Gemstar Wants to Bring E-Books to the Masses

Will the company that bought TV Guide last fall be able to jump-start the market for electronic books? That's the question in stories about Gemstar's stock-for-stock deal to acquire the two leading e-book device manufacturers, NuvoMedia and SoftBook Press.

According to the New York Times' Doreen Carvajal, the two companies have had limited success "because of the wariness of publishers and authors about posting a high volume of titles in the format." Carvajal reported that Henry C.

Yuen, chairman and chief executive of Gemstar, acknowledged that marketing the devices is what he called a "double chicken-and-the-egg" dilemma. "The company needs to sell a higher volume of the devices to attract publishers and authors," she wrote. "Currently, perhaps less than 10,000 have been sold. The prices of electronic books also need to come down to build the market, but that will not happen until demand increases, [Yuen] said."

Salon.com's Lydia Lee explained the problems inherent in e-books, "You can download Time magazine or a Stephen King novel for a little less than you'd pay at the bookstore - but first you have to shell out about $300 to buy a SoftBook or NuvoMedia's RocketBook digital reader. Besides, even among the digitally savvy - who are already toting a laptop, cell phone and PDA - there are few who really want to trade a disposable magazine for another machine."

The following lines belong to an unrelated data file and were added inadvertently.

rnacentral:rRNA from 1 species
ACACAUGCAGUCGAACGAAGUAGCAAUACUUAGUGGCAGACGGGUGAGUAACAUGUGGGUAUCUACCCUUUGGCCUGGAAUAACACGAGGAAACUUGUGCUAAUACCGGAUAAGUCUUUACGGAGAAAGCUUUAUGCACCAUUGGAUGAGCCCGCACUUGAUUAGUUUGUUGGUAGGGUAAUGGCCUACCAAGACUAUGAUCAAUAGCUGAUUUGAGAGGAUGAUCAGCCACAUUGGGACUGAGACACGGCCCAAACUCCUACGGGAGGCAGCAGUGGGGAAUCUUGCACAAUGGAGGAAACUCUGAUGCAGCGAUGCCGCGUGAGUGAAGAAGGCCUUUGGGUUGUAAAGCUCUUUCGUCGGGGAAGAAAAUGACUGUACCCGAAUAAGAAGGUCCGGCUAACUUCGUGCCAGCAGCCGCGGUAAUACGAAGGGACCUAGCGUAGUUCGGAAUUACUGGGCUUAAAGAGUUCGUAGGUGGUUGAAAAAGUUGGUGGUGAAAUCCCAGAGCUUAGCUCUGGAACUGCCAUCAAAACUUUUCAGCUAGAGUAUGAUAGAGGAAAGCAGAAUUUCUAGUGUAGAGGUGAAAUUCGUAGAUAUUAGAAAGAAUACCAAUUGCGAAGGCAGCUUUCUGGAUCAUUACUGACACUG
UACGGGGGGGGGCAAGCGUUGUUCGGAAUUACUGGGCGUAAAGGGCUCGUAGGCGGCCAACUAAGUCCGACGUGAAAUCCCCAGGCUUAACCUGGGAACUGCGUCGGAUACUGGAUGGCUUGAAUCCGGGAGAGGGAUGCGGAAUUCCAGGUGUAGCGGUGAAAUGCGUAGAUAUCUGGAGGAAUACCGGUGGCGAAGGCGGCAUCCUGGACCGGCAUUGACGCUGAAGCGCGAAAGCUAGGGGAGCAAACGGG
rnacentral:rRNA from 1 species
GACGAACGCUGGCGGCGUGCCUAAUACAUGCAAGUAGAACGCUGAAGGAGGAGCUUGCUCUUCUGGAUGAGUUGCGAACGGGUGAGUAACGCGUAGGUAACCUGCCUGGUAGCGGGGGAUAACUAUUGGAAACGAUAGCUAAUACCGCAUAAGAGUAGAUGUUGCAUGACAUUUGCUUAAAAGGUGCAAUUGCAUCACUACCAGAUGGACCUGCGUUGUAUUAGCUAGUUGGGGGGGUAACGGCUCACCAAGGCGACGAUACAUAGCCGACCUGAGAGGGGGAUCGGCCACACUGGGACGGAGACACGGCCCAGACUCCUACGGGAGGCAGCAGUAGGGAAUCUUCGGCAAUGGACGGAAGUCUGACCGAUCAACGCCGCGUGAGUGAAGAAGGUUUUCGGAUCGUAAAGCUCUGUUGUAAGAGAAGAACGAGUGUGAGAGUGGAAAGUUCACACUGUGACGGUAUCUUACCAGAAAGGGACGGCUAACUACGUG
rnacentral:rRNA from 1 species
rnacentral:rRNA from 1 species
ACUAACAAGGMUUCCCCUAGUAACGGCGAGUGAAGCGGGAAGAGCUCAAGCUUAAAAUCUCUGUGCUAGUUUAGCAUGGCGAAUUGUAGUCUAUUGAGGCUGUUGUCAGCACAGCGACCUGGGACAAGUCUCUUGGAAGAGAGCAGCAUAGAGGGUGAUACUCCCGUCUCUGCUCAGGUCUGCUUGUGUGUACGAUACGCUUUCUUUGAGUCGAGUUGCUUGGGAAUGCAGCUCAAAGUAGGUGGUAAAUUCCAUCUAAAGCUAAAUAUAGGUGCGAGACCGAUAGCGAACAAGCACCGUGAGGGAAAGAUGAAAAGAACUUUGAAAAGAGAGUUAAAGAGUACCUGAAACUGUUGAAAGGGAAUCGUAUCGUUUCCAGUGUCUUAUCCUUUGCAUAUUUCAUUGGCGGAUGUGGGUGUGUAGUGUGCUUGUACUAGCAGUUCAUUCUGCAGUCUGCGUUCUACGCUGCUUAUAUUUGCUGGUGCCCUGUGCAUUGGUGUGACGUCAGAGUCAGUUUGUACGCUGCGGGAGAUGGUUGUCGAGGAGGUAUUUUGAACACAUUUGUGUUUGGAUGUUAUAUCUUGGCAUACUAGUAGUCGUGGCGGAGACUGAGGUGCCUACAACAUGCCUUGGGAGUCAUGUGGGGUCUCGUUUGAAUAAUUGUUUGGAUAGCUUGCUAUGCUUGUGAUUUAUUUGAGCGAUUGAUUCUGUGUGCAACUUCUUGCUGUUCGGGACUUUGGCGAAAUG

Still, Lee reported that Yuen has some experience in solving chicken-and-egg-type problems. Gemstar's VCR Plus technology, which lets you record a show by entering a code into your VCR, is "ubiquitous today, but it took years to develop the market," Lee wrote. "At first, local TV guides weren't interested in listing the codes, because few VCRs were programmed to understand them, and the VCR companies wouldn't include the technology because there weren't any TV listings. Gemstar had to market special remote controls directly to consumers until it was able to get enough VCR manufacturers on board." Still, VCR Plus didn't try to fundamentally change the way TV was consumed. It will be struggle for Yuen to popularize e-books - at least as hard as slogging through "Ulysses" on an LCD screen.

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